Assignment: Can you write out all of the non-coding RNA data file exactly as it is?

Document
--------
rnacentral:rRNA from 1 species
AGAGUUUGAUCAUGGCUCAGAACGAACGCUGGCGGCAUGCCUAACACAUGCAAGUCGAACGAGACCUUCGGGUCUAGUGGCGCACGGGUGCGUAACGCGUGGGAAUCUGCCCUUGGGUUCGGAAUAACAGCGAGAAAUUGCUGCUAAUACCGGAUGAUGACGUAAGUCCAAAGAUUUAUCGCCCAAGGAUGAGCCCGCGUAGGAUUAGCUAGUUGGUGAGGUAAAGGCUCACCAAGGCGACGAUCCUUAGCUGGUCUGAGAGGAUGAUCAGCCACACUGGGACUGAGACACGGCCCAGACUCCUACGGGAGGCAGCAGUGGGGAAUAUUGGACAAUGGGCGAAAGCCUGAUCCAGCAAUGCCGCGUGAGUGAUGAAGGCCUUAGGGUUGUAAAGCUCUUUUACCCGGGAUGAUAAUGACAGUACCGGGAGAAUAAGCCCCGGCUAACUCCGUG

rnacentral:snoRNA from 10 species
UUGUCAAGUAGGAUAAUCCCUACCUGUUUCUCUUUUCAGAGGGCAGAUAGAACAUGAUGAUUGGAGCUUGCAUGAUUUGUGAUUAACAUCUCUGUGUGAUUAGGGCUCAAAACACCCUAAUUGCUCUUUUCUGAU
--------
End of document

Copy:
rnacentral:rRNA from 1 species
AGAGUUUGAUCAUGGCUCAGAACGAACGCUGGCGGCAUGCCUAACACAUGCAAGUCGAACGAGACCUUCGGGUCUAGUGGCGCACGGGUGCGUAACGCGUGGGAAUCUGCCCUUGGGUUCGGAAUAACAGCGAGAAAUUGCUGCUAAUACCGGAUGAUGACGUAAGUCCAAAGAUUUAUCGCCCAAGGAUGAGCCCGCGUAGGAUUAGCUAGUUGGUGAGGUAAAGGCUCACCAAGGCGACGAUCCUUAGCUGGUCUGAGAGGAUGAUCAGCCACACUGGGACUGAGACACGGCCCAGACUCCUACGGGAGGCAGCAGUGGGGAAUAUUGGACAAUGGGCGAAAGCCUGAUCCAGCAAUGCCGCGUGAGUGAUGAAGGCCUUAGGGUUGUAAAGCUCUUUUACCCGGGAUGAUAAUGACAGUACCGGGAGAAUAAGCCCCGGCUAACUCCGUG

rnacentral:snoRNA from 10 species
UUGUCAAGUAGGAUAAUCCCUACCUGUUUCUCUUUUCAGAGGGCAGAUAGAACAUGAUGAUUGGAGCUUGCAUGAUUUGUGAUUAACAUCUCUGUGUGAUUAGGGCUCAAAACACCCUAAUUGCUCUUUUCUGAU